for National Geographic News
In an effort to protect its rare white dolphins, the government of China plans to create a dolphin reserve in the Pearl River Delta.
The official Xinhua News Agency said construction of the sanctuary, to measure 178 square miles (460 square kilometers), will begin later this year near Qi'ao Island. Initial efforts will focus on an emergency dolphin rescue center.
Lindsay Porter, a World Wildlife Fund (WWF) Hong Kong marine mammal biologist who has studied white dolphins since 1993, said water pollution poses the greatest threat to the white dolphins, rare mammals unique to China.
"They live in one of the busiest, fastest developing deltas within Asia," Porter said. "A lot of the industrial and domestic development that occurs there has uncontrolled or unmitigated pollution coming into those waters."
Premature deaths of white dolphins, which normally live up to 40 years, have been tied to pollutants, boating collisions, and even cholera.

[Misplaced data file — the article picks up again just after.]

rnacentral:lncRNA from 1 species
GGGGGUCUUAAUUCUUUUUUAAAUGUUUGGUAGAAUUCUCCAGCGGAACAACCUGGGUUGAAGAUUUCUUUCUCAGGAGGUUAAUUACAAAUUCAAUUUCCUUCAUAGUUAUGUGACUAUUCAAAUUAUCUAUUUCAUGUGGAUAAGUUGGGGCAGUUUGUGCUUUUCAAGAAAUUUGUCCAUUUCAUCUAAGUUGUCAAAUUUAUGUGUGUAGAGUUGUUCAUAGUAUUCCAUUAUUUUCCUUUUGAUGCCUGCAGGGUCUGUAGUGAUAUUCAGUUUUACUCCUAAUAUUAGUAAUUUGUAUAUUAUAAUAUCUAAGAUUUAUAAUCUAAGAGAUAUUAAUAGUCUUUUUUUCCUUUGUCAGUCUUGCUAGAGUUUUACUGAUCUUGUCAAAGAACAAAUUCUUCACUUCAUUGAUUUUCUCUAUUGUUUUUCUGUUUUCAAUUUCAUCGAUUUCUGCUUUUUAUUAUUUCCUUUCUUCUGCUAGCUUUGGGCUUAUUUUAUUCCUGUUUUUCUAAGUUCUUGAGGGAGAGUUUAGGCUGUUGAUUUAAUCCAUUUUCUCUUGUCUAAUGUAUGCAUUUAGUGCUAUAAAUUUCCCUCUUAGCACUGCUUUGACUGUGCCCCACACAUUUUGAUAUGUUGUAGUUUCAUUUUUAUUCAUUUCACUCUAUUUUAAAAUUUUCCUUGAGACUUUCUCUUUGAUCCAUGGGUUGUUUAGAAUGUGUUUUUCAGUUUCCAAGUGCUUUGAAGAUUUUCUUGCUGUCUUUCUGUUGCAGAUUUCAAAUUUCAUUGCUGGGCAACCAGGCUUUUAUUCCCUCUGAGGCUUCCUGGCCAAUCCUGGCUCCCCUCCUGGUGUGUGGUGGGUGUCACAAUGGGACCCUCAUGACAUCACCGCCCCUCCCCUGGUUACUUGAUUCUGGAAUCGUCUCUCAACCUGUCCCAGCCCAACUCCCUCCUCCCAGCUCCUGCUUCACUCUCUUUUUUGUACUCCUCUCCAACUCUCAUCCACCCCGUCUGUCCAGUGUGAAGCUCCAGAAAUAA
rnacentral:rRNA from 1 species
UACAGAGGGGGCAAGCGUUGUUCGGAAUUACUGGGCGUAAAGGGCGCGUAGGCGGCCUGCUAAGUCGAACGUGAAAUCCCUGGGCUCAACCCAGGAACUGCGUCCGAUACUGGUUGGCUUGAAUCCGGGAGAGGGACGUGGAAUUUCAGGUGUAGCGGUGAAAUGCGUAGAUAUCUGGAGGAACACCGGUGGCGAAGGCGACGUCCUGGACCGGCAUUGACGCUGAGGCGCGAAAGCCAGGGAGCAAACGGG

Only about 2,000 of the dolphins, also known as pink dolphins, are thought to inhabit the South China Sea. About half of these dolphins live in the Pearl River Estuary.
The Xinhua News Agency quoted Chen Jialin, administrator of the Chinese White Dolphin Natural Reserve.
"Pollutants discharged into the water by paper mills, chemical plants, and plating factories along the river [have] been destroying the dolphins' habitat," he said, "and as a result, 19 dolphins have died over the past three years."
Porter, of WWF Hong Kong, said word of the new dolphin reserve suggests the Chinese government aims to upgrade the marine mammals' protected status in the Pearl River Delta.
"There already exists a marine protected area designated in the Pearl River Estuary, which comes under jurisdiction of mainland authorities," she said.
"I believe this area is about to be upgraded to national status, which gives mainland authorities more resources and power to develop and enforce regulations."
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